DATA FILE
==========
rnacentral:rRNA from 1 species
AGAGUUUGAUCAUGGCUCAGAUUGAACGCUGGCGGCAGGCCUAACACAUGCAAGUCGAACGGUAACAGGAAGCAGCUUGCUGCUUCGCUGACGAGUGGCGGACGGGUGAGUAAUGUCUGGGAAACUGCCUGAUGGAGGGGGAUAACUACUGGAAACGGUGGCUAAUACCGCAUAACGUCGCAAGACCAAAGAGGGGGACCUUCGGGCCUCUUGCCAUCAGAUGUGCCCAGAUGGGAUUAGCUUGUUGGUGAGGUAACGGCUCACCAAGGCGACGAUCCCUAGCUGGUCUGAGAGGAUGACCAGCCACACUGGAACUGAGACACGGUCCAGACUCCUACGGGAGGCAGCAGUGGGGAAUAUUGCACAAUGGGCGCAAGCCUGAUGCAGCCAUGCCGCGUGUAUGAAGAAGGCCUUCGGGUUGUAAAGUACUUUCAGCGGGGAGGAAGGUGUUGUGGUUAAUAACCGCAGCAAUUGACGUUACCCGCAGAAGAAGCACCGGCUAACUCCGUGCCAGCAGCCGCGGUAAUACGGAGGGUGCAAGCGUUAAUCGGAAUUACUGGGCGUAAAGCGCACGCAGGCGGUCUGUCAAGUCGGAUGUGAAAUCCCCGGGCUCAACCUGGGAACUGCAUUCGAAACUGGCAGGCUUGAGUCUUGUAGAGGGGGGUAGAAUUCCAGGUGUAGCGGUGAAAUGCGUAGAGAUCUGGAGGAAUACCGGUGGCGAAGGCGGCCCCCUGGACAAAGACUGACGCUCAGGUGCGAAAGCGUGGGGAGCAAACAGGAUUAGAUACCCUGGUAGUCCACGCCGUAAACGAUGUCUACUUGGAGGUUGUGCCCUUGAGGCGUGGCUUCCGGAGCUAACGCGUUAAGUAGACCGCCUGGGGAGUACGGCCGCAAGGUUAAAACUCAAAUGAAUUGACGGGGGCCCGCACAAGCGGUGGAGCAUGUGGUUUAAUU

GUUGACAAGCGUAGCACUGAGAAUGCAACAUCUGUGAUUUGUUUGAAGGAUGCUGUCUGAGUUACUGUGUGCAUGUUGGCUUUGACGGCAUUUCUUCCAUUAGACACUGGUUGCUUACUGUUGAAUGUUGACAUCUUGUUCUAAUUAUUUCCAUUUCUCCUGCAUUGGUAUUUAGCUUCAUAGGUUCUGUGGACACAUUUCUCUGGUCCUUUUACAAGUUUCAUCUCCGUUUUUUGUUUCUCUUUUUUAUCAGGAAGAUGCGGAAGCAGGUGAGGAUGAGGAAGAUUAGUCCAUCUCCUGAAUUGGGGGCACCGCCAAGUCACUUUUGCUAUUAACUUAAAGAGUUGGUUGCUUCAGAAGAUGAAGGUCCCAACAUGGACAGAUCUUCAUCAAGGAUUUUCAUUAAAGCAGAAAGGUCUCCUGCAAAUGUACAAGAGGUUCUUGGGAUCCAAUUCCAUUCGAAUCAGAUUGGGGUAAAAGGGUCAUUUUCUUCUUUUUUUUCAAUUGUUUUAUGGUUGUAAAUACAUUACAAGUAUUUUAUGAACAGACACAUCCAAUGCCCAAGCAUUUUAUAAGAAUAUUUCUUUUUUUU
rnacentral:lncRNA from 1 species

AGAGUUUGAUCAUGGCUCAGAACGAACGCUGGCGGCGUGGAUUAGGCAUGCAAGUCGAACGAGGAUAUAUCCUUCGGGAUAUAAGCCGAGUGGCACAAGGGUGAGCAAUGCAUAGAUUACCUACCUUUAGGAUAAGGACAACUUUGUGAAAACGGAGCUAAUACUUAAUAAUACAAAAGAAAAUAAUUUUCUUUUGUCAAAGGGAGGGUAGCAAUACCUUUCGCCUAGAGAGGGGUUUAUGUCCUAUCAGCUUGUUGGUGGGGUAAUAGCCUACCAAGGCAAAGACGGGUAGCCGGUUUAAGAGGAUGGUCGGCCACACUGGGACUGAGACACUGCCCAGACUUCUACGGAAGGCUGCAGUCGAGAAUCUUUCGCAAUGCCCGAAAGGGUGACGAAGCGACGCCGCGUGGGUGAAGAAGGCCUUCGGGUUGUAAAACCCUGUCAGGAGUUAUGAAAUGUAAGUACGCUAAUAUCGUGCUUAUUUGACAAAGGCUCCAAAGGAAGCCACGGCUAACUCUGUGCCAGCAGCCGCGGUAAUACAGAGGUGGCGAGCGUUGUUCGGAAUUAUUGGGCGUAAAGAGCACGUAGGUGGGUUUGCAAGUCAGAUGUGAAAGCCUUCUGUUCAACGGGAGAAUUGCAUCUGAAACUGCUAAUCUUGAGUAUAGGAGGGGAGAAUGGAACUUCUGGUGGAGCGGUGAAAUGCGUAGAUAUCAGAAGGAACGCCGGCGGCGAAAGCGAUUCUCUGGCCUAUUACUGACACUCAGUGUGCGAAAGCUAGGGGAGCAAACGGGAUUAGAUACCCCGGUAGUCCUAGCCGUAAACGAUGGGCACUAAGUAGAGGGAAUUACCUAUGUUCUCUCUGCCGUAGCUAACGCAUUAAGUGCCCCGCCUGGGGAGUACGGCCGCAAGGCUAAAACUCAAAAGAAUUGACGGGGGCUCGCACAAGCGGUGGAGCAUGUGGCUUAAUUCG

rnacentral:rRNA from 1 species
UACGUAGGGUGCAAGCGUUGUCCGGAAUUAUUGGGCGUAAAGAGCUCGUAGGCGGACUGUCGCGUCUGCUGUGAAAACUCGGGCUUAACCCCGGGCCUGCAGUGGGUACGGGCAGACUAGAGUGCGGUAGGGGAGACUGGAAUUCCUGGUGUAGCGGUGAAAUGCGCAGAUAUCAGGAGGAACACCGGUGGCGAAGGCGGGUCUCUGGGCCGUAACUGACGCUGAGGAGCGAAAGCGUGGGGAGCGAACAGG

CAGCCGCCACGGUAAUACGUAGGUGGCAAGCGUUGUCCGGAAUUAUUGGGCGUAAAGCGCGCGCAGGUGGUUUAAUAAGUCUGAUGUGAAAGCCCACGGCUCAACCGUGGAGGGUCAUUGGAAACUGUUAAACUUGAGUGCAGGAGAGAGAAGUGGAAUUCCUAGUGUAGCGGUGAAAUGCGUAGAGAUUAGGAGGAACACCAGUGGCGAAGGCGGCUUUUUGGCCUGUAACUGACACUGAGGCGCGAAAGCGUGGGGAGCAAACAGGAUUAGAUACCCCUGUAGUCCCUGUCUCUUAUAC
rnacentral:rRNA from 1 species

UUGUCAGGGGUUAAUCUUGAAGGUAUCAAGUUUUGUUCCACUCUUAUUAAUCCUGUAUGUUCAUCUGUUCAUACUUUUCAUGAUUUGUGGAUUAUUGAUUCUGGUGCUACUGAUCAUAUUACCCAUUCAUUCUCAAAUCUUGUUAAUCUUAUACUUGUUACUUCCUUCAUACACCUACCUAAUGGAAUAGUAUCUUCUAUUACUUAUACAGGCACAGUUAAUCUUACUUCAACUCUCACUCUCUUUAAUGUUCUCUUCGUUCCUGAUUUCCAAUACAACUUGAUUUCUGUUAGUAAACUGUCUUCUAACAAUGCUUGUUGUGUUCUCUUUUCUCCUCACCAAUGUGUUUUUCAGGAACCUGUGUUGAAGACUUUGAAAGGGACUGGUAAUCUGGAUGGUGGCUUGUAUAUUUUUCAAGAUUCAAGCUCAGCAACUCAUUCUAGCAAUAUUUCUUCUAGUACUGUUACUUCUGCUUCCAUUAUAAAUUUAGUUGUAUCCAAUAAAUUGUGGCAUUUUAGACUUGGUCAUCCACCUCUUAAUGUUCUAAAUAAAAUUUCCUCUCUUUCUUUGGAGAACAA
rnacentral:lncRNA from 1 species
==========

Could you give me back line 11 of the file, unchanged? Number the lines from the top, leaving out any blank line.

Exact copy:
rnacentral:lncRNA from 1 species